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Working on your voice

What is working on your voice?

Practising to change qualities of your voice that are associated with gender.

What does working on your voice do?

  • Voice

    Raises or lowers pitch and changes sound

How long does working on your voice last?

Working on your voice normally takes a significant amount of practice, and may take practice over many months to achieve a dramatic change. The experience gained from practice may allow you to make a life-long change to your voice.

How do I stay safe?

Warning

If something you’re doing is hurting, stop. Practising changes to your voice should never be painful.

Before starting any practice with your voice, it is important to warm up properly. This involves stretching muscles, as with a warm-up before any type of exercise, but these muscles are in your neck, mouth, and vocal tract. You can watch a demonstration of how to do a vocal warm-up in this video by a NHS speech therapist.

Another important part of practising and maintaining your voice is good vocal hygiene. You can find out more about how to do that in this video by a NHS specialist in trans voice.

What else might I want?

You may find it much easier to work on your voice if you also have support from a professional with specialist expertise. You can find out about working with a professional on our speech therapy page.

How do I work on my voice?

There are many different aspects of your voice that you might want to change. Some aspects of voice are affected by physical changes that happen in puberty, such as pitch, resonance, vocal quality. Other aspects of voice are also often associated with gender, such as vocal onset, intonation, speech rhythm, and emphasis, but are not caused by physical changes.

This article cannot cover all of these aspects in detail, so you will need to look elsewhere for more information. A good starting point for learning how to do voice work is The Voice Book for Trans and Nonbinary People, written by two speech and language therapists specialising in trans voice who work at the London Gender Identity Clinic.

Some NHS gender services have created videos to demonstrate working on voice:

Some members of the trans community have also created their own videos. Some have particularly high quality information, such as the TransVoiceLessons YouTube channel.

You will ideally need to work on your voice both by practising by yourself, and also practising around other people.

How do I practise by myself?

To check aspects of voice like pitch and resonance, you can use a tool like Informant. To monitor your progress with other aspects of voice, it can be useful to record yourself to listen to how you are doing, and this can provide a helpful record to help you know that you are making progress.

If you live with other people, and you’re worried about maintaining your privacy while practising, consider:

  • finding times of day when your home is empty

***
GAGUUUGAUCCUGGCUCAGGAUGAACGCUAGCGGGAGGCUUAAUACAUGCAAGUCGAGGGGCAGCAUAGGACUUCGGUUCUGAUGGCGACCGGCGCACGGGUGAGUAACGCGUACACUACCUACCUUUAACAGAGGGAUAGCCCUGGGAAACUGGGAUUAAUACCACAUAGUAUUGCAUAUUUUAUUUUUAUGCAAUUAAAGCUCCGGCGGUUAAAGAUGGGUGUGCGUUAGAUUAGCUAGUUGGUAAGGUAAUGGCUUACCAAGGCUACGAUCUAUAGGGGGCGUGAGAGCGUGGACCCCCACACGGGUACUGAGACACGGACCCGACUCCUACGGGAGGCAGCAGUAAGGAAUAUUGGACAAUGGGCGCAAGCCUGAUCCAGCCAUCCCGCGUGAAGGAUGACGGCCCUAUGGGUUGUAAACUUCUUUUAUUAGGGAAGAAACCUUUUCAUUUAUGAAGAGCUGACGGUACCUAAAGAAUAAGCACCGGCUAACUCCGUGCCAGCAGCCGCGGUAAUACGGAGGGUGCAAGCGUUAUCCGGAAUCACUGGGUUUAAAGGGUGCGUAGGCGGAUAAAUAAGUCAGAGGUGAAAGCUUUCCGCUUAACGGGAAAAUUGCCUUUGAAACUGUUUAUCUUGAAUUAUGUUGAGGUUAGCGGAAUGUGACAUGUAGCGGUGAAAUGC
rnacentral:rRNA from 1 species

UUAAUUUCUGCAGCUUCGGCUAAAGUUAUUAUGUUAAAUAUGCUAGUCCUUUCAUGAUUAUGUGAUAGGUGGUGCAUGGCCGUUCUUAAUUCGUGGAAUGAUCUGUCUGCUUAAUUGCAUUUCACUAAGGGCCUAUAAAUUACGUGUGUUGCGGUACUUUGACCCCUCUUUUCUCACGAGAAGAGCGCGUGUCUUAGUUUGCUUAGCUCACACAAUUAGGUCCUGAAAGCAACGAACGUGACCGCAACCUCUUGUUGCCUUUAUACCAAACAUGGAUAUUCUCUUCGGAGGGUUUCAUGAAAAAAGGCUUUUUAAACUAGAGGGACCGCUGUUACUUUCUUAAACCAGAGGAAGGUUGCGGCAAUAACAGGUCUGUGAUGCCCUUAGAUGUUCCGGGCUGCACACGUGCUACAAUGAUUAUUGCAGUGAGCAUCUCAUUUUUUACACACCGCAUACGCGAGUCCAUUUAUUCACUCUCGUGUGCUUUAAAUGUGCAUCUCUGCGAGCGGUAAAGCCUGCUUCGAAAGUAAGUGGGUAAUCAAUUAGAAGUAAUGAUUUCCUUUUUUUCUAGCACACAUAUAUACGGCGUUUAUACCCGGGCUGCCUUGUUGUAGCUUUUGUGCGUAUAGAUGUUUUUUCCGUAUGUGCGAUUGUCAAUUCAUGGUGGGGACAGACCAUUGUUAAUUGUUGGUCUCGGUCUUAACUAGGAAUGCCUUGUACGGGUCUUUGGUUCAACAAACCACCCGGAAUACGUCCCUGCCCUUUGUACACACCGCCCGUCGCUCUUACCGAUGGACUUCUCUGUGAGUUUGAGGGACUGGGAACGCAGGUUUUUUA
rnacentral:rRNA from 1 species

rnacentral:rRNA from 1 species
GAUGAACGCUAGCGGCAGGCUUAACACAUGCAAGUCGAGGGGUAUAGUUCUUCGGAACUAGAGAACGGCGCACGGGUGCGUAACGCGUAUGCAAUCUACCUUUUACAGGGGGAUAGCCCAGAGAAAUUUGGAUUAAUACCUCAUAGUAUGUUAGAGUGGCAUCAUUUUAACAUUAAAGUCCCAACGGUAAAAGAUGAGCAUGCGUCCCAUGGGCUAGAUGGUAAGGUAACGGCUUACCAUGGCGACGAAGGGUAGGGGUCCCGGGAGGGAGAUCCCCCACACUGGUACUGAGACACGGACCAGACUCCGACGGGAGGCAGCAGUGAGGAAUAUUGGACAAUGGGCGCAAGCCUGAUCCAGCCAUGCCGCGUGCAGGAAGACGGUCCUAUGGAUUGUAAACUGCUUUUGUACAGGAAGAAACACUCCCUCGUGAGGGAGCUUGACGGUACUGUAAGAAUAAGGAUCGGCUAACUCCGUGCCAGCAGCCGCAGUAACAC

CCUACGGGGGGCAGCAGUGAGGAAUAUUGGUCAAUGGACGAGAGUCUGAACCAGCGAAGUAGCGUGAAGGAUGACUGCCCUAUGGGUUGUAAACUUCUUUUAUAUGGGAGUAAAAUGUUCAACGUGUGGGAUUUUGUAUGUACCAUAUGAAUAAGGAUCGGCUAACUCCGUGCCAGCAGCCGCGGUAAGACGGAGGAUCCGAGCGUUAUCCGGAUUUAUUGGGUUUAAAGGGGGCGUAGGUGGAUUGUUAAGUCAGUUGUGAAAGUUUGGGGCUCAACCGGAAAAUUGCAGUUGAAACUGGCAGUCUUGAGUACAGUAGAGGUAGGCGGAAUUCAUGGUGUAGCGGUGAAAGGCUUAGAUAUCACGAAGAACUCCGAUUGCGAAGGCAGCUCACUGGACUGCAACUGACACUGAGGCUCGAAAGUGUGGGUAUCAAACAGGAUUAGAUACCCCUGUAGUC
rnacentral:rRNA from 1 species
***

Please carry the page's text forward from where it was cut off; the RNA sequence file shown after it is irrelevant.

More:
• using white noise sources like the shower or certain types of music to help disguise the sound
  • going a walk, or walking the dog, as a reason to get out of your home to somewhere you can practice more privately
  • practising while commuting in a car (if you do that), as cars are designed to be relatively soundproof

You may find you can build up some of the same skills you are using to alter your voice when doing other things. For example, practising singing might help with resonance, and playing many musical instruments can help with breath control.

How do I practise around other people?

While one part of changing your voice involves learning and practising technical skills, another important part is building up the confidence to use your voice around other people. This can be a major barrier to many people, especially if they experience social anxiety, but can be overcome with repeated practice of the new voice around other people, until the new voice is automatic and habitual.

Some easy ways to practise changes to your voice while interacting with other people include:

  • online games which use voice chat
  • online trans voice communities like Adi’s Nook or Scinguistics
  • in-person LGBT+ events and meetups
  • phone calls (e.g. make a food order on the phone, or phoning a new person in the workplace)

Practising your voice around other people can also give you really helpful feedback on how your voice is perceived by others. Changing your voice can often take a long time, and it can be easy to feel like you are getting nowhere, and feedback from other people about what they are hearing can help keep your morale up while you are learning.

You might want to think about who you can ask for feedback. Don’t forget to let your friends know you’re working on your voice before you try to practise around them. Surprising them with a new voice might provoke knee-jerk responses rather than useful feedback. If you’re struggling with a lack of feedback from other people, you might find some sessions with a professional useful.

Errors and omissions

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